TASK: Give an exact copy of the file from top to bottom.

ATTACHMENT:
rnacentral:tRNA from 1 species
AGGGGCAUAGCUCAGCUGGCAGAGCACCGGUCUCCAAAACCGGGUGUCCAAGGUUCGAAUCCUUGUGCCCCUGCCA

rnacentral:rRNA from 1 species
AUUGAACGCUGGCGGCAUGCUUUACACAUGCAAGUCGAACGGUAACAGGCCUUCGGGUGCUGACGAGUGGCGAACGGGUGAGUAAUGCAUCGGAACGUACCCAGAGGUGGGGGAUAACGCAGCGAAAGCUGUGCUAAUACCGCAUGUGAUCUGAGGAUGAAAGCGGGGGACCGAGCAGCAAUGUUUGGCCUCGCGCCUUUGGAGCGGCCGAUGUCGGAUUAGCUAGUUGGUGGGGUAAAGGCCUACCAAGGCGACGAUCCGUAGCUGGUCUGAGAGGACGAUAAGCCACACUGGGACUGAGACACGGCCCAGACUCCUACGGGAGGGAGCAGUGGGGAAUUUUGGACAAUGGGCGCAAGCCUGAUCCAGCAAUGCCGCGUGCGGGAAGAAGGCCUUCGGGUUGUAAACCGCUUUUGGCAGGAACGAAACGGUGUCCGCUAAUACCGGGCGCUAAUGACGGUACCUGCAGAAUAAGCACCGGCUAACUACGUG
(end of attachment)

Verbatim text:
rnacentral:tRNA from 1 species
AGGGGCAUAGCUCAGCUGGCAGAGCACCGGUCUCCAAAACCGGGUGUCCAAGGUUCGAAUCCUUGUGCCCCUGCCA

rnacentral:rRNA from 1 species
AUUGAACGCUGGCGGCAUGCUUUACACAUGCAAGUCGAACGGUAACAGGCCUUCGGGUGCUGACGAGUGGCGAACGGGUGAGUAAUGCAUCGGAACGUACCCAGAGGUGGGGGAUAACGCAGCGAAAGCUGUGCUAAUACCGCAUGUGAUCUGAGGAUGAAAGCGGGGGACCGAGCAGCAAUGUUUGGCCUCGCGCCUUUGGAGCGGCCGAUGUCGGAUUAGCUAGUUGGUGGGGUAAAGGCCUACCAAGGCGACGAUCCGUAGCUGGUCUGAGAGGACGAUAAGCCACACUGGGACUGAGACACGGCCCAGACUCCUACGGGAGGGAGCAGUGGGGAAUUUUGGACAAUGGGCGCAAGCCUGAUCCAGCAAUGCCGCGUGCGGGAAGAAGGCCUUCGGGUUGUAAACCGCUUUUGGCAGGAACGAAACGGUGUCCGCUAAUACCGGGCGCUAAUGACGGUACCUGCAGAAUAAGCACCGGCUAACUACGUG